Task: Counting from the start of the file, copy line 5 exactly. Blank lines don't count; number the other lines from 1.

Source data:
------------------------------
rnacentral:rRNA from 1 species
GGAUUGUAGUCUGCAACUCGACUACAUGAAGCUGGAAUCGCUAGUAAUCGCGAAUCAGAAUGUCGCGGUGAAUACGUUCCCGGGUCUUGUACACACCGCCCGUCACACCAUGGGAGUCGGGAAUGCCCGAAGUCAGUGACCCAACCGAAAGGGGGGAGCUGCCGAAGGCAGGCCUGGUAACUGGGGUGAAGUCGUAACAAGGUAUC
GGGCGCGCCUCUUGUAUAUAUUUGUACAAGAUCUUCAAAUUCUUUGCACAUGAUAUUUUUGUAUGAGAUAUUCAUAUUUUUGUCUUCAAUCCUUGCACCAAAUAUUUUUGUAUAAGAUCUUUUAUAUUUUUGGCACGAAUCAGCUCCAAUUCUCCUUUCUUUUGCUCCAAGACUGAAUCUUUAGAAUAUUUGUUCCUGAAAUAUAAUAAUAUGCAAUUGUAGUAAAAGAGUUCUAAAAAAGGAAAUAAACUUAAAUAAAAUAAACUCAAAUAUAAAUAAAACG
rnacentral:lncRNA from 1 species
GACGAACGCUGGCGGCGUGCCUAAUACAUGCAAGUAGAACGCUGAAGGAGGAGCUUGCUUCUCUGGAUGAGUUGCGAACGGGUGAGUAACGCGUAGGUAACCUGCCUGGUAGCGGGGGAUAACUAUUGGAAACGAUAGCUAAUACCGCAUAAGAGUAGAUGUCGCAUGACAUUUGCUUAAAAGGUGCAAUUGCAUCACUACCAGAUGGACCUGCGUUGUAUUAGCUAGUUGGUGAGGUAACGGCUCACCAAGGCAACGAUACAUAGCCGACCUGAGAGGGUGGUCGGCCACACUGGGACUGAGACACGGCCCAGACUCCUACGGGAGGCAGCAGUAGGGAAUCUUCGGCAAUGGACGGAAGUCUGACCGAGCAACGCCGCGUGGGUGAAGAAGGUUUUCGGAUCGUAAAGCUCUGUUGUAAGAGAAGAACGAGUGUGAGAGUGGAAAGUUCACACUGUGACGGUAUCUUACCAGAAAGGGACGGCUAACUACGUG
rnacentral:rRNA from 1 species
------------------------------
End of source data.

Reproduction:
GACGAACGCUGGCGGCGUGCCUAAUACAUGCAAGUAGAACGCUGAAGGAGGAGCUUGCUUCUCUGGAUGAGUUGCGAACGGGUGAGUAACGCGUAGGUAACCUGCCUGGUAGCGGGGGAUAACUAUUGGAAACGAUAGCUAAUACCGCAUAAGAGUAGAUGUCGCAUGACAUUUGCUUAAAAGGUGCAAUUGCAUCACUACCAGAUGGACCUGCGUUGUAUUAGCUAGUUGGUGAGGUAACGGCUCACCAAGGCAACGAUACAUAGCCGACCUGAGAGGGUGGUCGGCCACACUGGGACUGAGACACGGCCCAGACUCCUACGGGAGGCAGCAGUAGGGAAUCUUCGGCAAUGGACGGAAGUCUGACCGAGCAACGCCGCGUGGGUGAAGAAGGUUUUCGGAUCGUAAAGCUCUGUUGUAAGAGAAGAACGAGUGUGAGAGUGGAAAGUUCACACUGUGACGGUAUCUUACCAGAAAGGGACGGCUAACUACGUG